Pursuit of ‘speech prosthetic’ for people who’ve lost the ability to talk could be boosted by this discovery

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One [area of the brain is called] the “hand knob,” which, as the name suggests, is a knobby region of the gyrus involved in hand and arm movements. It also has another, surprising function. A team based at Stanford University reports [December 10] in eLife that some neurons there are active during speech, and their signals can be decoded to reveal the word or sound uttered.

While recording activity from the implants, they asked the participants to say certain words, or parts of words known as phonemes, from prepared lists. Using a computer to analyze the recorded brain activity later, the researchers were able most of the time to correctly discern which word or phoneme was spoken. In one participant, they accurately decoded which of 10 words were spoken 85 percent of the time.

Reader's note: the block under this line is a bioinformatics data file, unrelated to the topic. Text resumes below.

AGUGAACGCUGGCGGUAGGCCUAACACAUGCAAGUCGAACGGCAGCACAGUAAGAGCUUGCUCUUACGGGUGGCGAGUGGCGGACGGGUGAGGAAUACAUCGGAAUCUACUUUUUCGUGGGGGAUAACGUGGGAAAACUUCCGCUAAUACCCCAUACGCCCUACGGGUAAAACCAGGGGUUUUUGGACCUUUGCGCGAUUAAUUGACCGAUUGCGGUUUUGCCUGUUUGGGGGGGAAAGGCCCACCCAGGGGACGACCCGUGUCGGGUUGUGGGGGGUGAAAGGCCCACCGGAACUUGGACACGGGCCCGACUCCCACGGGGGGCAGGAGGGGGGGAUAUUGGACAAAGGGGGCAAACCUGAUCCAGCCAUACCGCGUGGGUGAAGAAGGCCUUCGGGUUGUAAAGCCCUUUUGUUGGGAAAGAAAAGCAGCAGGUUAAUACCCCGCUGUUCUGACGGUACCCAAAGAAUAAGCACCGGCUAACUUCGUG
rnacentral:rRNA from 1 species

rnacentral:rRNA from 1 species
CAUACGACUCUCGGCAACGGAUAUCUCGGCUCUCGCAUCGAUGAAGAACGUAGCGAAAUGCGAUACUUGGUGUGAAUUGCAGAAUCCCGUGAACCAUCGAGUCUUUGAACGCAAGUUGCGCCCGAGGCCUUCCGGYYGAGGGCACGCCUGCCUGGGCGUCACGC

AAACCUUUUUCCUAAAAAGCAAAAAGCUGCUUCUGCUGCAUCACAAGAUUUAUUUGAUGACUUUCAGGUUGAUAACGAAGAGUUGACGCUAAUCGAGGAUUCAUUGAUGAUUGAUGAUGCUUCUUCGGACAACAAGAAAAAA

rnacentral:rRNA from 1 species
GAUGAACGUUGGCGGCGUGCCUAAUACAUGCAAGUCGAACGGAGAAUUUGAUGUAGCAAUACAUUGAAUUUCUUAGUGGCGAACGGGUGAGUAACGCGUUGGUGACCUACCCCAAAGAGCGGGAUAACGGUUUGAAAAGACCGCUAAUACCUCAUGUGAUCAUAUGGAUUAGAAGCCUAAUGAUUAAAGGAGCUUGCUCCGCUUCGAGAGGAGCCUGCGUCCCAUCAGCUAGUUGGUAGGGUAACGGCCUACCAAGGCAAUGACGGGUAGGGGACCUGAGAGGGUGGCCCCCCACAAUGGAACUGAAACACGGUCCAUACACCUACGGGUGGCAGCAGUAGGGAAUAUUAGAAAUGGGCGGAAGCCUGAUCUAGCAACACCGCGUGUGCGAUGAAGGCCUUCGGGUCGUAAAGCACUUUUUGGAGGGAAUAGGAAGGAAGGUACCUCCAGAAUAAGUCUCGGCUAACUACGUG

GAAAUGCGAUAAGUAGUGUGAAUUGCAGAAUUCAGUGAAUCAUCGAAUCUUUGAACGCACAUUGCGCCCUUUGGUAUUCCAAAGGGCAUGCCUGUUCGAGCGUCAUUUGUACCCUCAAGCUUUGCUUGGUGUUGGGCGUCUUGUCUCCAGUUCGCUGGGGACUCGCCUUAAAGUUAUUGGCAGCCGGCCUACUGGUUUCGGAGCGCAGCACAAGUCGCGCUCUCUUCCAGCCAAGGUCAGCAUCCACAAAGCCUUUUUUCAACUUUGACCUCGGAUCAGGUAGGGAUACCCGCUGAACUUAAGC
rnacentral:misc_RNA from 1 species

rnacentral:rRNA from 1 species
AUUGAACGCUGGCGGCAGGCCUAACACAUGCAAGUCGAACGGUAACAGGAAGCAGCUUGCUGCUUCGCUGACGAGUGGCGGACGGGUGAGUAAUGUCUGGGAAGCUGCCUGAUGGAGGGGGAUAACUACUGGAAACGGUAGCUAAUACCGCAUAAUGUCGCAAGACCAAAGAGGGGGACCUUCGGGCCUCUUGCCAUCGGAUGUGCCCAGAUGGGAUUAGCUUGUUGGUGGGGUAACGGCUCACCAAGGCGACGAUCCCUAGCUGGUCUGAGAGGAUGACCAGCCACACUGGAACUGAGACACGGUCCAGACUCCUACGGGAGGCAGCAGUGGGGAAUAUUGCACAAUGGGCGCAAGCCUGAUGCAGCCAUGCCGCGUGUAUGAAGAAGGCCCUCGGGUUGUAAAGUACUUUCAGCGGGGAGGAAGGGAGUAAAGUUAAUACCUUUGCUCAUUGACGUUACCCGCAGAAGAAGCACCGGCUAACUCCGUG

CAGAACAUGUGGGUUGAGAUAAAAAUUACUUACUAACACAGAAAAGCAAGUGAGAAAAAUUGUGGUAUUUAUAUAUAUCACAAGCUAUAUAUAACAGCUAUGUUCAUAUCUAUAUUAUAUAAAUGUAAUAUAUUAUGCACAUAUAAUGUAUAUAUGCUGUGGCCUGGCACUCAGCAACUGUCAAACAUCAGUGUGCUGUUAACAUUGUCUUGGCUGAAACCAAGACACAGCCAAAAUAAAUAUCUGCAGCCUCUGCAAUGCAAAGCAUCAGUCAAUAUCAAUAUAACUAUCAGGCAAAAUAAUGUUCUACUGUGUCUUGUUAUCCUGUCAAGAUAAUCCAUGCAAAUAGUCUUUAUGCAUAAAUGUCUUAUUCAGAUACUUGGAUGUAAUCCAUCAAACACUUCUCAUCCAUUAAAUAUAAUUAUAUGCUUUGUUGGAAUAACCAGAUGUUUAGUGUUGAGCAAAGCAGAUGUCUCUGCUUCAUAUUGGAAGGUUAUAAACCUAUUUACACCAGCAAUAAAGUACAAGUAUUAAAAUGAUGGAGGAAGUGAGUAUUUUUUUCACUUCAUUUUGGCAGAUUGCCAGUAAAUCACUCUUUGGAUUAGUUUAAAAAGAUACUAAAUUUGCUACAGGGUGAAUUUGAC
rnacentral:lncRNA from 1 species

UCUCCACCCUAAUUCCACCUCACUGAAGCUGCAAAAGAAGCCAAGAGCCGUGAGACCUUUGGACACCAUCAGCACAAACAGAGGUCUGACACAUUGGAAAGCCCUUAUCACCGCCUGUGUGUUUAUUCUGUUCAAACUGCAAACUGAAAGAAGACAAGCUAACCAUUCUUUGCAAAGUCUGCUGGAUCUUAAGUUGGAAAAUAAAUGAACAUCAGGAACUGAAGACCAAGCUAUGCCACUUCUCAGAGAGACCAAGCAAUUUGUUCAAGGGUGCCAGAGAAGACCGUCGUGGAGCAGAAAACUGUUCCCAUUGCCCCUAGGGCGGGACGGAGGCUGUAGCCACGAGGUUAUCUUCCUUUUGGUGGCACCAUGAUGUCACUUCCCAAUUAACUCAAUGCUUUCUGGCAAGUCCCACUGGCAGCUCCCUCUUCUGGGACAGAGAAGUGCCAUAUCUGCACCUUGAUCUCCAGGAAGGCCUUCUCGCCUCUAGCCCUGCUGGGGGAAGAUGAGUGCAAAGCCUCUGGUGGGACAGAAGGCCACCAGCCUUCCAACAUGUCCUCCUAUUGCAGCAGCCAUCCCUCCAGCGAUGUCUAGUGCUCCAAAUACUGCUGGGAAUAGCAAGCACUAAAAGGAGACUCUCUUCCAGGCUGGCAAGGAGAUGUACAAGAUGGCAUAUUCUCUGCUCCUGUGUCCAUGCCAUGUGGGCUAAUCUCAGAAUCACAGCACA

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Ultimately, [neurosurgeon Sergey Stavisky] says, he hopes to help develop a speech prosthetic for people who have lost the ability to talk. Finding speech-related activity in a new place could make working toward that goal easier, he says, because “it gives us more places from which to pull [the signals] out.”

Read full, original post: Speech Decoded from Brain Activity in Area for Hand Control

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